STAMFORD – City representatives think they have reason to be wary about this year’s elections.
It’s because voters in Stamford will go to the polls in March, April and August, then in November to elect a U.S. president, and two things complicate the busy election year.
One: Connecticut is offering early in-person voting for the first time.
Two: the tabulators used to count ballots in Connecticut are failing; they’re so old that parts can’t be found to repair them when they break down, which is all the time, all over the state.
So members of the Board of Representatives last week invited the registrars of voters and town clerk to their Operations Committee meeting.
Representatives had a lot of questions about early voting, which became law in June and took effect this month.
It mandates early voting for general elections, special elections and primaries.
It requires that every municipality establish at least one early voting site, with 14 early voting days for general elections, seven days for regular primaries, and four days for special elections and presidential preference primaries.
Connecticut’s presidential preference primary is April 2. That’s when voters will choose their party’s nominee for U.S. president, though not directly. Instead, party leaders use the primary results to award delegates who then select a presidential nominee at the party’s national convention.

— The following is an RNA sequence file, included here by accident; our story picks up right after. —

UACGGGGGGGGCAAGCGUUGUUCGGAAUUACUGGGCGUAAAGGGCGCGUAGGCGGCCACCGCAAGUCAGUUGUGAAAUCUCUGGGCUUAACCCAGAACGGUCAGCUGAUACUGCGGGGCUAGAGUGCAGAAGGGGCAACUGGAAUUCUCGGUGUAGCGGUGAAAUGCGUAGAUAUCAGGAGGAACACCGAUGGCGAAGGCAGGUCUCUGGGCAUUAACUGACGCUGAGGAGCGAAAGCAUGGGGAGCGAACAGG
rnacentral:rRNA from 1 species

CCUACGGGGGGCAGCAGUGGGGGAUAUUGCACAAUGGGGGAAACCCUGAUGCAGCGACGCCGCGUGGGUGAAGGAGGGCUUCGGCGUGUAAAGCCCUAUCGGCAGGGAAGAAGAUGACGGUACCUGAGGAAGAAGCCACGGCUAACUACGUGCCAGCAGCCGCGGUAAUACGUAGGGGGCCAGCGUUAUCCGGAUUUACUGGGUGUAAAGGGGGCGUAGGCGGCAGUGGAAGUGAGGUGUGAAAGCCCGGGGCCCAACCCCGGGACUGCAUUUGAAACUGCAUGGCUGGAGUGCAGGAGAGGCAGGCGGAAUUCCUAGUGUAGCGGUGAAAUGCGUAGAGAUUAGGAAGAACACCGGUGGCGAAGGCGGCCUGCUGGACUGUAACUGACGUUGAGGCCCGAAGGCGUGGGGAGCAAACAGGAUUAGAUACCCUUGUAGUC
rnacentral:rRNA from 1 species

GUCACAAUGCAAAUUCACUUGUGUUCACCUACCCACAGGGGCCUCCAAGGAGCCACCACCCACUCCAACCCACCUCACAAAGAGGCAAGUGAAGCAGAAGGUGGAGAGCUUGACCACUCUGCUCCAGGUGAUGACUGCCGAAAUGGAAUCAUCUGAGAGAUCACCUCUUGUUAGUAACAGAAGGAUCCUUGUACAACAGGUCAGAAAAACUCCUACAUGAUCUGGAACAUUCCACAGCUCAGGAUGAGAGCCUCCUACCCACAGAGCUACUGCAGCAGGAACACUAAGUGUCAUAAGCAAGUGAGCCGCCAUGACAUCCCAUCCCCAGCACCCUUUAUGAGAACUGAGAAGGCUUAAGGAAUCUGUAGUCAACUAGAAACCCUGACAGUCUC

City representatives asked about the early voting plan for the April 2 presidential preference primary.
The four days of early voting will be March 26, 27, 28 and 30, Republican Registrar of Voters Lucy Corelli told representatives. The early voting site will be in the cafeteria on the fourth floor of the Stamford Government Center, Corelli said.
That means early voters will have to enter the government center lobby, sign in at the security desk, and ride an elevator to the fourth floor, representatives said.
They wanted to know how many people are expected to vote early, given that Stamford has 73,000 active voters, more than any other municipality in the state.
No one knows how many people will vote early, Corelli said.
“This is new for all of us,” she said. “We’ve never done it before.”
City Rep. Jeff Stella said he’s concerned about added foot traffic in the busy government center lobby.